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Battling Addiction: How to Ask Your Parents for Help

When you have an addiction, you know you need to get help. But who do you turn to? Your parents are probably your first choice, but how do you bring up such a traumatic subject to the people who raised you? Asking for addiction help, especially from your parents, can be a daunting task. Although, with the right techniques, it can be done effectively!

Asking for help with something so serious in the first place may make you feel less independent. You may feel guilty, ashamed, or even embarrassed, but dont feel this way. If you succumb to harmful substances, asking for help is inevitable when you choose to start your path to sobriety. There may be some situations in life that you can work yourself out of, but in this circumstance, you cannot do it on your own.

Asking your parents to help you with your addiction will be a hard task, but it will be better for you all in the long run.

Be Honest with Yourself First

The first step to asking your parents for help is being honest with yourself. If you can’t be honest with yourself and accept your situation, how do you expect your parents to be able to? Recognize the signs of why you may have become addicted to drugs or alcohol; did you separate from a significant other, get fired from a job, or lose a loved one? Understand why you turned to substance abuse in the first place and the steps you must complete in order to become sober. Realize that the journey to sobriety is not an east fix, but it is doable.

Be Honest with your Parents

Now that your thoughts are distinguished between the truth and cover-ups, you have the right information to be telling your parents. Even though the truth is hard to talk about in the instance of addiction, the truth is essential for a successful recovery. Be honest about the severity of your addiction so that you and your parents will be able to find the best treatment options for you to become sober.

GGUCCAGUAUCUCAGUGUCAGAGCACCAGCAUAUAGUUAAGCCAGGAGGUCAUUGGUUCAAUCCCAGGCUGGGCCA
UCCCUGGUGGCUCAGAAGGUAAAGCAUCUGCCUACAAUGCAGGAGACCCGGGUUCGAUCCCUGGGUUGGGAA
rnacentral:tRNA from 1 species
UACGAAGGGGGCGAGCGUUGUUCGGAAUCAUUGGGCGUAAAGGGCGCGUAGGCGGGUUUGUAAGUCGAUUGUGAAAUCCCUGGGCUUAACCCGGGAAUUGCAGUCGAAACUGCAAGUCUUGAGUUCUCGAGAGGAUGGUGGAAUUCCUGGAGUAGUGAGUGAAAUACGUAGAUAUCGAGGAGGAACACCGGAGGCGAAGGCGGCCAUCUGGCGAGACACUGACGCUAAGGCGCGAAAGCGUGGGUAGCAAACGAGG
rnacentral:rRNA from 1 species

Have the Discussion with Your Parents

Believe in yourself by knowing that you have enough courage to begin the conversation. Make sure you’re in the right environment (like a quiet room) and that the timing is right (don’t tell them when they are consumed by something else). Tell them that you have a problem and that you are coming to them because you want to get better. Explain to them that you want to be a better person and take control of your life. Be aware that you might not like everything they have to say; respond calmly and respectfully if you want anything to get done. Asking for help shows that you are brave and want to take charge of your own life.

Get Help!

Talking to your parents is one of the hardest things that you’ll have to do on your journey to sobriety. Once you’ve done that, you need to make plans to get help by completing a course of action that is best for you and your family. Find treatment facilities that have a holistic approach to recovery, meaning they want to help you mentally AND physically. Be patient in the treatment process so that you can have a sober, healthy lifestyle!

If you are suffering from addiction, make the necessary steps with your family to get help now. For more information on addiction treatment and prevention, call Safe Prevention at 1-877-503-2608.

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